Many people dream of owning and traveling in a motor home. Unfortunately, that dream can quickly turn into a nightmare. With that said, here are ten reasons why you should never buy an RV.
10. They’re Expensive
According to an article published by MSN, a new Class A motorhome starts around $50,000 to $100,000! And, that’s just for the basics. Adding accessories can push that cost up to $1,000,000! Then, after you purchase it, you have to get insurance on it, which can be up in the thousands for Class A motorhomes. And, depending on what you’ll use the vehicle for (occasional trips vs. full-time residency), your rate could be even higher. Then, there’s gas. Class A RVs only get 8 to 13 mpg, and Class B or Class C gets anywhere between 10 and 20 mpg. But, we’re not done yet. Don’t forget about upkeep. That can be expensive too. According to a survey done by Mobile Home Parts Store, RV owners spend on average $1,400 annually on just the basics ( brakes, tires, oil changes, etc.) alone.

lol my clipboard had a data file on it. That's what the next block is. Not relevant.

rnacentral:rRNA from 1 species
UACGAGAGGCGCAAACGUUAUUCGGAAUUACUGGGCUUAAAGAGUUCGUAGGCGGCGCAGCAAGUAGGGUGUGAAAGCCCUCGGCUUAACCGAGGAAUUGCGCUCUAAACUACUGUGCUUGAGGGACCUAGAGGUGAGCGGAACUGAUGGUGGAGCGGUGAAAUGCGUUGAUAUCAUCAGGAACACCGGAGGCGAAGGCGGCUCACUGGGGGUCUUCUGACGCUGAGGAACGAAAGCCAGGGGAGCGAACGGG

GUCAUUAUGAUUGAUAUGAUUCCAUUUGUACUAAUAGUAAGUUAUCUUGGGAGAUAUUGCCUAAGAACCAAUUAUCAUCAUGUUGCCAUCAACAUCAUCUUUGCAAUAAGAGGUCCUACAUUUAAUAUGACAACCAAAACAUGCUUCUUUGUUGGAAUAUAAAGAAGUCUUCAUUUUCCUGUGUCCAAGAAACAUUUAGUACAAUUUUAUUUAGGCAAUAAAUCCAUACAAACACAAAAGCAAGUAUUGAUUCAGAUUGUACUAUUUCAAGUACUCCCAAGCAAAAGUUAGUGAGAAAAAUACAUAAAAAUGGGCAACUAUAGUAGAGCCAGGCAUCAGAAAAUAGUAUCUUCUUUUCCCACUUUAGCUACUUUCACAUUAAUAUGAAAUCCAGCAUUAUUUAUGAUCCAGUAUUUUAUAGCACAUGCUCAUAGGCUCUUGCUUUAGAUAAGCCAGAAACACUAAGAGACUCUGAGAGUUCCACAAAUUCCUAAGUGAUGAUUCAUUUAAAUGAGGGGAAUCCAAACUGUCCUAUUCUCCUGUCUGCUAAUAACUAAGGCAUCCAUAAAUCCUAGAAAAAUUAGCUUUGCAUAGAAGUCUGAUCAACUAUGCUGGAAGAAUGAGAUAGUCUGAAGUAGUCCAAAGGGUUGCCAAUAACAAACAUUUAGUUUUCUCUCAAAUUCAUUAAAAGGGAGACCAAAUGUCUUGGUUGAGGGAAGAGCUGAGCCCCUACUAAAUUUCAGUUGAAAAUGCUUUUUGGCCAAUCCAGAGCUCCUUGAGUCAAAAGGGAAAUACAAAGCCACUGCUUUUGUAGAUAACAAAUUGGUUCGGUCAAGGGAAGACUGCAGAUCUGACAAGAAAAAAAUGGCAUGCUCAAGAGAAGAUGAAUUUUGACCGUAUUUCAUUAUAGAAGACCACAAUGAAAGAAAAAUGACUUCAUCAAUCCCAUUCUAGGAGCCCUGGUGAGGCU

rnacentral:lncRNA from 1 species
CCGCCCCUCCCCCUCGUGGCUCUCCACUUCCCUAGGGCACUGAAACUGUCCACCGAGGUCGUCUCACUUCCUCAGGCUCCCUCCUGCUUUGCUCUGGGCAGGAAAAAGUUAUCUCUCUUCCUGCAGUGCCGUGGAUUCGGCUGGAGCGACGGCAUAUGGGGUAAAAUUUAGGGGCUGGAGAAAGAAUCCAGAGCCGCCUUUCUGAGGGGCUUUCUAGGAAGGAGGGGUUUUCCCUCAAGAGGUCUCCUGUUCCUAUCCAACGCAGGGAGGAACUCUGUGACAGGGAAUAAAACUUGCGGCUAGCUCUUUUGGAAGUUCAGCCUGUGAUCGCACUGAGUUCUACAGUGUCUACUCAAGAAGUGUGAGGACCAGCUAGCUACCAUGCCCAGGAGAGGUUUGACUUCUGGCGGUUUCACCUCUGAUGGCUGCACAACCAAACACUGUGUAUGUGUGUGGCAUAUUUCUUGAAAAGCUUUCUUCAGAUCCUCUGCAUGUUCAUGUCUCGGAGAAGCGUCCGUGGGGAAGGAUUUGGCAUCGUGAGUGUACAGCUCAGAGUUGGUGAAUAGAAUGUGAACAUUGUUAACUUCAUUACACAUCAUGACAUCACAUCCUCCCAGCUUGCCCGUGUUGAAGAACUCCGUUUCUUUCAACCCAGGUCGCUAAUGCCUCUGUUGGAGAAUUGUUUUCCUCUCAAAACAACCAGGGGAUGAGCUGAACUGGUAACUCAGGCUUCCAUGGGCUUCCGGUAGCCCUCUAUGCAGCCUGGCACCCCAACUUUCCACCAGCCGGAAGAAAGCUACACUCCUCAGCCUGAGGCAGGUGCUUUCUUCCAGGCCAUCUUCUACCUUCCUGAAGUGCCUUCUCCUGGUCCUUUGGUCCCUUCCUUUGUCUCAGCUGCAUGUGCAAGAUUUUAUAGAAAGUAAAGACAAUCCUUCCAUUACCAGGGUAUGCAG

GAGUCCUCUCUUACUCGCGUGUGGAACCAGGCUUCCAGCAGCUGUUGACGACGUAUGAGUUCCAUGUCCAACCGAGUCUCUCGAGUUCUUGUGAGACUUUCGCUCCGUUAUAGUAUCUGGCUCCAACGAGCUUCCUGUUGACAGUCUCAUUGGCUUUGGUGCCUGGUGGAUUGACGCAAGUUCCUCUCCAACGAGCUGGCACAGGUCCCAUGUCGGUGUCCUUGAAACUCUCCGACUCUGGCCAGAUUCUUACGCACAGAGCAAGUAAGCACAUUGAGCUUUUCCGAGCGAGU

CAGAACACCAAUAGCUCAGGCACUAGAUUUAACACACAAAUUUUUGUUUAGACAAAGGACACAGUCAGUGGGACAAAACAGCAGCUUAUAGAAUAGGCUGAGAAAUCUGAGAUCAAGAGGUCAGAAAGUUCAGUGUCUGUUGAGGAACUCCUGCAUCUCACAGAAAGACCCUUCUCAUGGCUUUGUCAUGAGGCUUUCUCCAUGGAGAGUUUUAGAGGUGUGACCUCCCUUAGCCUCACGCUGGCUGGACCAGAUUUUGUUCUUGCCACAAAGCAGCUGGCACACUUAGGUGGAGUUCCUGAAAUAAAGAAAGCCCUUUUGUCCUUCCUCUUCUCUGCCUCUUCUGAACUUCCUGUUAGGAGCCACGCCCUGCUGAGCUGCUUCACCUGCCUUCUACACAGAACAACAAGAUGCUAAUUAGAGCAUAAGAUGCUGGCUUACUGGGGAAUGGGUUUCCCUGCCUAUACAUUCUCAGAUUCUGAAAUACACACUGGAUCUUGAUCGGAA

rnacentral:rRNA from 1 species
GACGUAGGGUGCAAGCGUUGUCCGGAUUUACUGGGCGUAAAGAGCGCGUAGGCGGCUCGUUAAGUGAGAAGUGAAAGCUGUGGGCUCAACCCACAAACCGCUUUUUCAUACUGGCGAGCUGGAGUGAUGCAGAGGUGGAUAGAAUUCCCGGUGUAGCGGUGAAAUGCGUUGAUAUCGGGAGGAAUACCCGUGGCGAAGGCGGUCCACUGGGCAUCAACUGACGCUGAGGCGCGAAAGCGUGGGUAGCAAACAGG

TIP: If owning an RV is an absolute must for you, get a pop-up camper or fifth wheel. They’re far cheaper ($10,000 to $15,000 with the more expensive ones topping out around $50,000).
9. They’re Hard Work
Owning a motor home is just like owning a traditional home. You have to perform regular household chores, like washing the dishes, sweeping, vacuuming, and doing the laundry. Then, there’s maintenance and repair issues as well. And, then there’s the black water tank. You know, the contraption that holds the sewage. You’ll need to dump it frequently at a designated dump station. You’ll also need to flush it regularly with chemicals that speed up the breakdown of waste. And, then there’s the toilet paper. You can’t use traditional paper. You have to find special toilet paper that dissolves easily.
8. They Can be Difficult to Drive
If you’re not used to driving large vehicles, you may want to leave that RV on the lot and purchase something you can actually handle. If you do choose to buy one, you’ll be faced with the task of maneuvering it up and down hills, making sure your vehicle can fit under bridges and overpasses, and judging distance.